This article provides a simple definition of indexes, their types, how to create them and the difference between clustered and non- clustered indexes.
An Index is a database object that can be created on one or more columns (16 max column combinations). When creating the index it will read the column(s) and forms a relevant data structure to minimize the number of data comparisons. The index will improve the performance of data retrieval and add some overhead to the data modification such as create, delete and modify. So it depends on how much data retrieval can be done on table versus how much of DML (Insert, Delete and Update) operations.

An index is basically used for fast data retrieval from the database. For example, if you want to reference all pages in a book that explains a certain topic, you first refer to the index that lists all the topics alphabetically and are then referred to one or more specific page numbers.

Types of Index

In a SQL Server database there are mainly the following two types of indexes,
  1. Clustered index and
  2. Non Clustered index
Clustered Index 
In a simple way a Primary key is a Clustered index.
Non Clustered Index

A Unique key is a Non-Clustered index.
Syntax to create Index

The basic syntax of CREATE INDEX is as follows:
  1. CREATE INDEX index_name ON table_name;  

The DROP INDEX Command

An index can be dropped using the SQL DROP command. Care should be taken when dropping an index because performance may be degraded or improved.

The basic syntax is as follows:
  1. DROP INDEX index_name;  

Difference between Clustered Index and Non Clustered Index in SQL Server

  1. One of the main differences between clustered and non-clustered indexes in SQL Server is that, one table can only have one clustered Index but It can have many non-clustered indexes, approximately 250 because basically a Primary key is a Clustered index and a Unique key is a Non-Clustered index and one table can have only one primary.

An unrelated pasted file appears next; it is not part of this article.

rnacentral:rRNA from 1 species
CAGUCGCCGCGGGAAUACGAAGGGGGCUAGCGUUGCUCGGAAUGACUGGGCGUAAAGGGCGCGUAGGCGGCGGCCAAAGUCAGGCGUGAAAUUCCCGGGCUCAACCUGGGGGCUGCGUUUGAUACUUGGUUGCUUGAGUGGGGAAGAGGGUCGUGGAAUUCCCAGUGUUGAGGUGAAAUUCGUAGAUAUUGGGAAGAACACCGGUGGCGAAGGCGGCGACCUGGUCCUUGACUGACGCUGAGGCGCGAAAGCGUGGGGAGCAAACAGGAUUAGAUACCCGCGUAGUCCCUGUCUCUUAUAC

2. Basically a Primary key is a Clustered index and a Unique key is a Non-Clustered index.
  3. A clustered index determines the order in which the rows of the table will be stored on disk. A non-clustered index has no effect on which the order of the rows will be stored.
  4. Non-clustered indexes store both a value and a pointer to the actual row that holds that value. Clustered indexes don't need to store a pointer to the actual row because of the fact that the rows in the table are stored on disk in the same exact order as the clustered index.
  5. Non-Clustered Indexes require more space compared to Clustered indexes because in Non-Clustered indexes one separate table is maintained.
Here I mostly focused on what indexes are and the types of indexes in SQL Server. I hope you like my articles.
Here is a more detailed article: Indexes in SQL Server